In China the government has given little publicity to the details of the agreement, but the official media have been instructed to hail it as a diplomatic victory for China and to emphasise the benefits to the country of entering the WTO. Public opinion appeared to be divided between the threat of greater unemployment, as domestic industries and agriculture face increased competition from imports, and the attraction of greater consumer choice, as more foreign products come onto the Chinese market, and of increased employment opportunities in new foreign-invested enterprises.
Threat of greater unemployment
Domestically, the effect of the agreement will be to reduce or remove the barriers erected to protect Chinese industry and agriculture from imports or foreign-invested competitors. Sec-tors identified as being particularly at risk are agriculture, where prices of many domestic products are up to 30 percent higher than on the international market, and manufacturing industries such as petrochemicals, steel, cement and particularly autos, including the joint ventures set up by foreign car makers within China's existing tariff barriers. In these cases, increased competition from cheaper imported products is forecast to lead to an intensification of government programmes for rationalisation and greater efficiency, which carries the threat of even greater unemployment.
Banking, insurance and other financial services will also face foreign competition but industry leaders expressed confidence that domestic companies can use the time before full opening of the market to improve their services.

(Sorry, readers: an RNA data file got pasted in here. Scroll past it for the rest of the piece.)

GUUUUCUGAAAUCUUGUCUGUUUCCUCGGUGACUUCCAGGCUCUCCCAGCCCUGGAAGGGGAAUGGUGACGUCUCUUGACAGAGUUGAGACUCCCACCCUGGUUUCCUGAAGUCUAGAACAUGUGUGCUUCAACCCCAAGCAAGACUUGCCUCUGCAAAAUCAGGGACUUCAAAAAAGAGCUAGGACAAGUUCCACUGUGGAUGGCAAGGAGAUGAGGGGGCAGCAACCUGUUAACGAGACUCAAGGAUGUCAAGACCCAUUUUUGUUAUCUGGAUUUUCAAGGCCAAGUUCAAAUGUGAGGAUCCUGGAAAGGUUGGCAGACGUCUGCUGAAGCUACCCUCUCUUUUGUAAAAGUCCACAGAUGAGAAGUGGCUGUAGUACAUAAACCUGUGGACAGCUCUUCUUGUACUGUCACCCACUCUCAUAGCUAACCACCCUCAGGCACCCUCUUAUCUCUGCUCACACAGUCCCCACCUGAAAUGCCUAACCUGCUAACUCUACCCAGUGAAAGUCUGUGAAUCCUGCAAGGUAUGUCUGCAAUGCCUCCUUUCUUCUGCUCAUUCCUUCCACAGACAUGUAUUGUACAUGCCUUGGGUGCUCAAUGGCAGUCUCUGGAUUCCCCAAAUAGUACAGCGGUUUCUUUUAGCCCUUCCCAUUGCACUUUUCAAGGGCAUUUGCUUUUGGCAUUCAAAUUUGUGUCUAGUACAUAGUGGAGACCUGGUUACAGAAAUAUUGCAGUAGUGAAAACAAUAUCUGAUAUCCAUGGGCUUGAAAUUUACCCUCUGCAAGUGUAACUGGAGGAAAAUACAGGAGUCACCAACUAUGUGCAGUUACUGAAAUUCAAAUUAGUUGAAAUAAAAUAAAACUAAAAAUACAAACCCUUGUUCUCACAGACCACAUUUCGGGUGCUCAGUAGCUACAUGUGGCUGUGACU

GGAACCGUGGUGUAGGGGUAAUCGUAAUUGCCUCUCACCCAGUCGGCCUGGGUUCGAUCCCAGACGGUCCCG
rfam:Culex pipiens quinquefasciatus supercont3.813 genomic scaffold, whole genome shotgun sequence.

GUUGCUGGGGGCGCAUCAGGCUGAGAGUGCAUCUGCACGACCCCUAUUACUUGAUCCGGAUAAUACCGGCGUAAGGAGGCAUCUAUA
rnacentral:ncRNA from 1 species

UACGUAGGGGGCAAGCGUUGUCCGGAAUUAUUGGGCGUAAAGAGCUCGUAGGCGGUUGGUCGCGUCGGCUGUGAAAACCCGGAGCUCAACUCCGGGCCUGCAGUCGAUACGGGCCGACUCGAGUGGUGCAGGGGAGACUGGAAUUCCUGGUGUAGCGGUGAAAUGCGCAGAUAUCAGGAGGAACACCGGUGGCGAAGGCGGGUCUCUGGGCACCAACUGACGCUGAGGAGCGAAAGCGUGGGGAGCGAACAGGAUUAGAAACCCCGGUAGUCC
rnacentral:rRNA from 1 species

Observers agreed that the benefits to China of increases in exports and foreign investment would be experienced much later than the pain of increased imports. Some analysts questioned whether China would observe the new rules and remove non-tariff barriers to foreign imports and investments where local interests were threatened, and cited previous difficulties in getting China to implement agreements such as ones that out-law intellectual piracy. However, most foreign observers and business leaders have hailed the agreement as marking significant progress in the construction of an open, market-based economy based on transparency and the rule of law.
The agreement with the US removed what had been the greatest obstacle to China's membership of the WTO but the chief Chinese trade negotiator said that his country would not formally join the organisation until the middle of 2000. Agreements had still to be reached with several member countries requesting bilateral negotiations. These included Brazil, India and Switzerland, but the most important was the EU. Officials of the EU said that the content of the US deal covered about 80 percent of their requirements. The remaining 20 percent included further reductions of tariffs on priority products, including autos, and more concessions on ownership of telecoms operators.
In early December, the European Trade Commissioner Pascal Lamy said that the EU and China would resume negotiations "as soon as possible." Long Yongtu responded by saying that he hoped agreement with the EU could be reached in December and with other WTO members by the end of February.